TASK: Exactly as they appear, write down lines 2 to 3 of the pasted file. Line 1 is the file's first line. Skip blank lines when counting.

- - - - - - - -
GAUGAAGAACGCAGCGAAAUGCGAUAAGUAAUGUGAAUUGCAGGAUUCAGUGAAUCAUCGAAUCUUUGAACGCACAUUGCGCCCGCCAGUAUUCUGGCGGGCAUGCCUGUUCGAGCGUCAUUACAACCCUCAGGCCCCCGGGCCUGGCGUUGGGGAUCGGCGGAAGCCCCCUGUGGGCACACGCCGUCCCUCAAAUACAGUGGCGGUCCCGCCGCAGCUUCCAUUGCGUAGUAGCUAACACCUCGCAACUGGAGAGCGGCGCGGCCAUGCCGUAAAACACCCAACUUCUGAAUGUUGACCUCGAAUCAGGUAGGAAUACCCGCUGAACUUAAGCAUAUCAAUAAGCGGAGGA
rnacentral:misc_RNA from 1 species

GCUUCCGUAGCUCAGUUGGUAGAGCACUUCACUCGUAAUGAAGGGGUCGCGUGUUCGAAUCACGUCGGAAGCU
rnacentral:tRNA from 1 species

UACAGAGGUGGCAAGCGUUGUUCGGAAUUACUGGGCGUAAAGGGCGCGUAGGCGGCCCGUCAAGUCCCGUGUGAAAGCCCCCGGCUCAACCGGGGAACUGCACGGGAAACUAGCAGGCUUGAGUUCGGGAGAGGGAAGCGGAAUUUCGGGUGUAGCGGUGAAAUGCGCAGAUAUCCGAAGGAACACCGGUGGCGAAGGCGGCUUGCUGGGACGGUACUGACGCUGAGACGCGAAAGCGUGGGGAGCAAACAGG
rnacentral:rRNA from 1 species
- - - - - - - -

rnacentral:misc_RNA from 1 species

GCUUCCGUAGCUCAGUUGGUAGAGCACUUCACUCGUAAUGAAGGGGUCGCGUGUUCGAAUCACGUCGGAAGCU